Understanding & Taking Advantage of the Stem Cell Debate

Understanding & Taking Advantage of the Stem Cell Debate

by Craig A. Smith

On Monday, March 9, 2009 President Barak Obama lifted restrictions on the use of federal funds for human embryonic stem cell research. Reaction to this move has been understandably mixed. On the one hand, some feel that removing these restrictions may lead to significant advances in the treatment of a wide variety of medical conditions. On the other hand, some feel that they are now being forced to contribute tax dollars to research which requires the destruction of human beings. Unfortunately, the national media coverage of Obama’s decision and the reactions to it have not adequately represented the complexity of the ethical and theological issues involved.

As Christians, it is important that we be able to make informed decisions about where we stand on this debate, not only so that we can stand firmly on what is right, but also so that  we can take advantage of this strategic intersection between our faith and our culture. Many non-Christians are currently willing to talk about the moral issues raised by this debate and this can easily serve as a natural bridge to sharing the Gospel. This short article is intended to serve as a primer to help Christians understand the basic terms and issues involved in this conversation. It is also intended to be a resource to help Christians take advantage of the opportunity this issue provides for making an impact for the Kingdom in our spheres of influence.

What exactly did President Obama do?

On Monday, March 9, President Obama issued an executive order reversing a previous ban President George Bush placed on the use of federal funds for research on human embryonic stem cell lines created after 2001. In effect, Bush prohibited researchers from obtaining federal funds to create new lines of human embryonic stem cells or to do studies using lines that were created by private companies after 2001. By lifting this ban, Obama has opened the door for federal funding to again be used to create and study new lines of human embryonic stem cells. How much federal money will actually be spent on this kind of research and to precisely what ends cannot be known until grants have been applied for.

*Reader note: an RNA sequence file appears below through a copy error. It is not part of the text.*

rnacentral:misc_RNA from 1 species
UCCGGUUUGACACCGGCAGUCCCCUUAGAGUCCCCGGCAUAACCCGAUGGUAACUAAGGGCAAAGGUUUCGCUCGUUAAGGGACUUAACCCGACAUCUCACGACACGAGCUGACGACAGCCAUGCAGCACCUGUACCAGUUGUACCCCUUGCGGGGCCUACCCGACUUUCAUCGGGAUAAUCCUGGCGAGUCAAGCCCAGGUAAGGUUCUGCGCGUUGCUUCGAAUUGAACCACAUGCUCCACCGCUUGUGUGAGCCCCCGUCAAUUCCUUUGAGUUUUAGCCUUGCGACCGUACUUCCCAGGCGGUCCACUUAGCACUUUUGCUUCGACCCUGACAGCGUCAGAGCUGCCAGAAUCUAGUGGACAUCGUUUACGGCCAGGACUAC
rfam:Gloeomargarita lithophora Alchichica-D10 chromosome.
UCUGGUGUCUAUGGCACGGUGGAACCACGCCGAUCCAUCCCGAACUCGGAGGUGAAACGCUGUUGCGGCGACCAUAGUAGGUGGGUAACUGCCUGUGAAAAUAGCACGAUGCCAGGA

What is a human embryonic stem cell line?

Human embryonic stem cell lines are cultures of cells derived from early-stage (i.e. 4-5 days old) human embryos. At this stage, human stem cells are pluripotent, meaning that they have the potential to develop into any of the 200+ types of cells which make up the human body. This characteristic has long been thought to be lost once a cell differentiates into a particular type of tissue, although very recent discoveries have now shown that even differentiated cells can be reprogrammed to return to their original pluripotent state (see below). Until this new discovery, stem cells were the only known source of pluripotence. This is the primary characteristic of stem cells that has made them an object of such intense interest.

At present, human embryonic stem cells are produced via a cloning technique that produces exact genetic replicas of the previous cells. For this reason, stem cells are said to belong to “lines”; e.g. since all cells cloned from the original human embryonic stem cell “X” derive from, and are genetically identical to, that original cell, they are all said to belong to the “X” line.

What is the interest in human embryonic stem cell lines?